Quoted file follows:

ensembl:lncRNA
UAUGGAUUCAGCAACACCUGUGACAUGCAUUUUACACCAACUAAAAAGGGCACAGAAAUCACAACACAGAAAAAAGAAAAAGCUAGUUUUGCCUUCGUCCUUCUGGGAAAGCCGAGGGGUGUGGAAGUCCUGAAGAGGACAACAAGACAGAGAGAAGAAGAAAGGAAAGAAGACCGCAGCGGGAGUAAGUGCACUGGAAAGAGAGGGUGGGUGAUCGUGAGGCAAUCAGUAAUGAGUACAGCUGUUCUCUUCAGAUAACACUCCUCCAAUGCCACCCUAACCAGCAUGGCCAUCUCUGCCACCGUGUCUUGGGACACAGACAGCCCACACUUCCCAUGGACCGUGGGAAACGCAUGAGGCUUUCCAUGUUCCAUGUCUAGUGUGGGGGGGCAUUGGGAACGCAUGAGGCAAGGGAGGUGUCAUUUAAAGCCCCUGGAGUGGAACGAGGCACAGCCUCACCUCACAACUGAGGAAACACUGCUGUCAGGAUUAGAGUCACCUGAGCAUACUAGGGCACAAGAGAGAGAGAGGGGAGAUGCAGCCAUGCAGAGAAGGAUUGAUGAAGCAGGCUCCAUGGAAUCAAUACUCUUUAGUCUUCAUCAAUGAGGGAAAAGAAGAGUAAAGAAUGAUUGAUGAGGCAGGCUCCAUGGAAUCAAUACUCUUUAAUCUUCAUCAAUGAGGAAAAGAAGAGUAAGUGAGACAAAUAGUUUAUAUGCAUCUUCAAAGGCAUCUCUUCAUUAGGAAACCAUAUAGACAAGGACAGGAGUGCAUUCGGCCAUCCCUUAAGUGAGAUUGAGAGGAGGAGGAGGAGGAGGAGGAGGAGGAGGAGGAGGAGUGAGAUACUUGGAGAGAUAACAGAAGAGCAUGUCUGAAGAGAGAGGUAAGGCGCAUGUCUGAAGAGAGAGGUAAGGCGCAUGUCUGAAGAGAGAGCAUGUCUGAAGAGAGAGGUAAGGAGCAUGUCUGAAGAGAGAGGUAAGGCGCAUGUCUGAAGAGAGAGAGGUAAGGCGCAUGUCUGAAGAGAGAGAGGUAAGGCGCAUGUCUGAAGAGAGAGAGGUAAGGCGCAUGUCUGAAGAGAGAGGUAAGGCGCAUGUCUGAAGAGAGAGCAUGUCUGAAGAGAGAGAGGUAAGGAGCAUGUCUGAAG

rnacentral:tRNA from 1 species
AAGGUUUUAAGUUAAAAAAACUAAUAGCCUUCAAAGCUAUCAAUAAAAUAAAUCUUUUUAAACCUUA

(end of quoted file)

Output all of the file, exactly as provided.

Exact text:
ensembl:lncRNA
UAUGGAUUCAGCAACACCUGUGACAUGCAUUUUACACCAACUAAAAAGGGCACAGAAAUCACAACACAGAAAAAAGAAAAAGCUAGUUUUGCCUUCGUCCUUCUGGGAAAGCCGAGGGGUGUGGAAGUCCUGAAGAGGACAACAAGACAGAGAGAAGAAGAAAGGAAAGAAGACCGCAGCGGGAGUAAGUGCACUGGAAAGAGAGGGUGGGUGAUCGUGAGGCAAUCAGUAAUGAGUACAGCUGUUCUCUUCAGAUAACACUCCUCCAAUGCCACCCUAACCAGCAUGGCCAUCUCUGCCACCGUGUCUUGGGACACAGACAGCCCACACUUCCCAUGGACCGUGGGAAACGCAUGAGGCUUUCCAUGUUCCAUGUCUAGUGUGGGGGGGCAUUGGGAACGCAUGAGGCAAGGGAGGUGUCAUUUAAAGCCCCUGGAGUGGAACGAGGCACAGCCUCACCUCACAACUGAGGAAACACUGCUGUCAGGAUUAGAGUCACCUGAGCAUACUAGGGCACAAGAGAGAGAGAGGGGAGAUGCAGCCAUGCAGAGAAGGAUUGAUGAAGCAGGCUCCAUGGAAUCAAUACUCUUUAGUCUUCAUCAAUGAGGGAAAAGAAGAGUAAAGAAUGAUUGAUGAGGCAGGCUCCAUGGAAUCAAUACUCUUUAAUCUUCAUCAAUGAGGAAAAGAAGAGUAAGUGAGACAAAUAGUUUAUAUGCAUCUUCAAAGGCAUCUCUUCAUUAGGAAACCAUAUAGACAAGGACAGGAGUGCAUUCGGCCAUCCCUUAAGUGAGAUUGAGAGGAGGAGGAGGAGGAGGAGGAGGAGGAGGAGGAGGAGUGAGAUACUUGGAGAGAUAACAGAAGAGCAUGUCUGAAGAGAGAGGUAAGGCGCAUGUCUGAAGAGAGAGGUAAGGCGCAUGUCUGAAGAGAGAGCAUGUCUGAAGAGAGAGGUAAGGAGCAUGUCUGAAGAGAGAGGUAAGGCGCAUGUCUGAAGAGAGAGAGGUAAGGCGCAUGUCUGAAGAGAGAGAGGUAAGGCGCAUGUCUGAAGAGAGAGAGGUAAGGCGCAUGUCUGAAGAGAGAGGUAAGGCGCAUGUCUGAAGAGAGAGCAUGUCUGAAGAGAGAGAGGUAAGGAGCAUGUCUGAAG

rnacentral:tRNA from 1 species
AAGGUUUUAAGUUAAAAAAACUAAUAGCCUUCAAAGCUAUCAAUAAAAUAAAUCUUUUUAAACCUUA